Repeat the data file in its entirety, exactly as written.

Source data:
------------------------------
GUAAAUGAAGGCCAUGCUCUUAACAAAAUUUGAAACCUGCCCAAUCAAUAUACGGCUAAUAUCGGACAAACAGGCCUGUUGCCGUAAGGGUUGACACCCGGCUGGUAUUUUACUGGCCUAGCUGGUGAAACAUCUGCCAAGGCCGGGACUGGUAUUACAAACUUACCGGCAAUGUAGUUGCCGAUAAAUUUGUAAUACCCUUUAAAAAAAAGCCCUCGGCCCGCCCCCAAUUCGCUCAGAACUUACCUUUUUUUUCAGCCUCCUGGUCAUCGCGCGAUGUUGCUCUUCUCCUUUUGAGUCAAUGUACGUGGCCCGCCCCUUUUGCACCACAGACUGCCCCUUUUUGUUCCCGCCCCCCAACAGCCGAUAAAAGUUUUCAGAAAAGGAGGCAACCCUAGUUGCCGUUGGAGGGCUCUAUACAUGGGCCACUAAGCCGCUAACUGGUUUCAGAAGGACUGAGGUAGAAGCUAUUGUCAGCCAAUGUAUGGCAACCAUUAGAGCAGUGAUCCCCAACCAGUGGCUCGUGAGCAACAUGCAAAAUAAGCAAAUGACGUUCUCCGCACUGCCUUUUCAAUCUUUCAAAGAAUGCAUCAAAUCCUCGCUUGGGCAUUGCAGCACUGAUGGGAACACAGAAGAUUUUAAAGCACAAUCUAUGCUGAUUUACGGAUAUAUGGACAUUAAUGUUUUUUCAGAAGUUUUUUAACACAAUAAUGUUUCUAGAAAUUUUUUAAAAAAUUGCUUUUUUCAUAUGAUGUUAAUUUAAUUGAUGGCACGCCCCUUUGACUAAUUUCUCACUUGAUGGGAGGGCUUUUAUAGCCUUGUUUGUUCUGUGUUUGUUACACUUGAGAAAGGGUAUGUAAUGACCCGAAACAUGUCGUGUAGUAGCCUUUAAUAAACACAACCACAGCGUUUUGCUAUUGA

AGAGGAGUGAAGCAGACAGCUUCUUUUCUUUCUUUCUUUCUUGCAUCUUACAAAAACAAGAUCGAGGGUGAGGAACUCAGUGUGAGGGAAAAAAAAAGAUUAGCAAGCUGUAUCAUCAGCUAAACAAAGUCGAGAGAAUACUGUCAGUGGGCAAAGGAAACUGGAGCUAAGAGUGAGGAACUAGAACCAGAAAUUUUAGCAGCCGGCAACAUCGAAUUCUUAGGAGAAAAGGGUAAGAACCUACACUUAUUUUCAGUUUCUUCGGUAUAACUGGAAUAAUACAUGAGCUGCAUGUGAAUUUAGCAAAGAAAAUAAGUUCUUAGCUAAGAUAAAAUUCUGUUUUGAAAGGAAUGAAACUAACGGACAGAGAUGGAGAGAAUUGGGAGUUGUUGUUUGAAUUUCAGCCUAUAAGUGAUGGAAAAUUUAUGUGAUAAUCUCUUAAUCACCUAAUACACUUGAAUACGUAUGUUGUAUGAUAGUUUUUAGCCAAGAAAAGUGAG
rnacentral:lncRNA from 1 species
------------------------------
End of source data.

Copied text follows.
GUAAAUGAAGGCCAUGCUCUUAACAAAAUUUGAAACCUGCCCAAUCAAUAUACGGCUAAUAUCGGACAAACAGGCCUGUUGCCGUAAGGGUUGACACCCGGCUGGUAUUUUACUGGCCUAGCUGGUGAAACAUCUGCCAAGGCCGGGACUGGUAUUACAAACUUACCGGCAAUGUAGUUGCCGAUAAAUUUGUAAUACCCUUUAAAAAAAAGCCCUCGGCCCGCCCCCAAUUCGCUCAGAACUUACCUUUUUUUUCAGCCUCCUGGUCAUCGCGCGAUGUUGCUCUUCUCCUUUUGAGUCAAUGUACGUGGCCCGCCCCUUUUGCACCACAGACUGCCCCUUUUUGUUCCCGCCCCCCAACAGCCGAUAAAAGUUUUCAGAAAAGGAGGCAACCCUAGUUGCCGUUGGAGGGCUCUAUACAUGGGCCACUAAGCCGCUAACUGGUUUCAGAAGGACUGAGGUAGAAGCUAUUGUCAGCCAAUGUAUGGCAACCAUUAGAGCAGUGAUCCCCAACCAGUGGCUCGUGAGCAACAUGCAAAAUAAGCAAAUGACGUUCUCCGCACUGCCUUUUCAAUCUUUCAAAGAAUGCAUCAAAUCCUCGCUUGGGCAUUGCAGCACUGAUGGGAACACAGAAGAUUUUAAAGCACAAUCUAUGCUGAUUUACGGAUAUAUGGACAUUAAUGUUUUUUCAGAAGUUUUUUAACACAAUAAUGUUUCUAGAAAUUUUUUAAAAAAUUGCUUUUUUCAUAUGAUGUUAAUUUAAUUGAUGGCACGCCCCUUUGACUAAUUUCUCACUUGAUGGGAGGGCUUUUAUAGCCUUGUUUGUUCUGUGUUUGUUACACUUGAGAAAGGGUAUGUAAUGACCCGAAACAUGUCGUGUAGUAGCCUUUAAUAAACACAACCACAGCGUUUUGCUAUUGA

AGAGGAGUGAAGCAGACAGCUUCUUUUCUUUCUUUCUUUCUUGCAUCUUACAAAAACAAGAUCGAGGGUGAGGAACUCAGUGUGAGGGAAAAAAAAAGAUUAGCAAGCUGUAUCAUCAGCUAAACAAAGUCGAGAGAAUACUGUCAGUGGGCAAAGGAAACUGGAGCUAAGAGUGAGGAACUAGAACCAGAAAUUUUAGCAGCCGGCAACAUCGAAUUCUUAGGAGAAAAGGGUAAGAACCUACACUUAUUUUCAGUUUCUUCGGUAUAACUGGAAUAAUACAUGAGCUGCAUGUGAAUUUAGCAAAGAAAAUAAGUUCUUAGCUAAGAUAAAAUUCUGUUUUGAAAGGAAUGAAACUAACGGACAGAGAUGGAGAGAAUUGGGAGUUGUUGUUUGAAUUUCAGCCUAUAAGUGAUGGAAAAUUUAUGUGAUAAUCUCUUAAUCACCUAAUACACUUGAAUACGUAUGUUGUAUGAUAGUUUUUAGCCAAGAAAAGUGAG
rnacentral:lncRNA from 1 species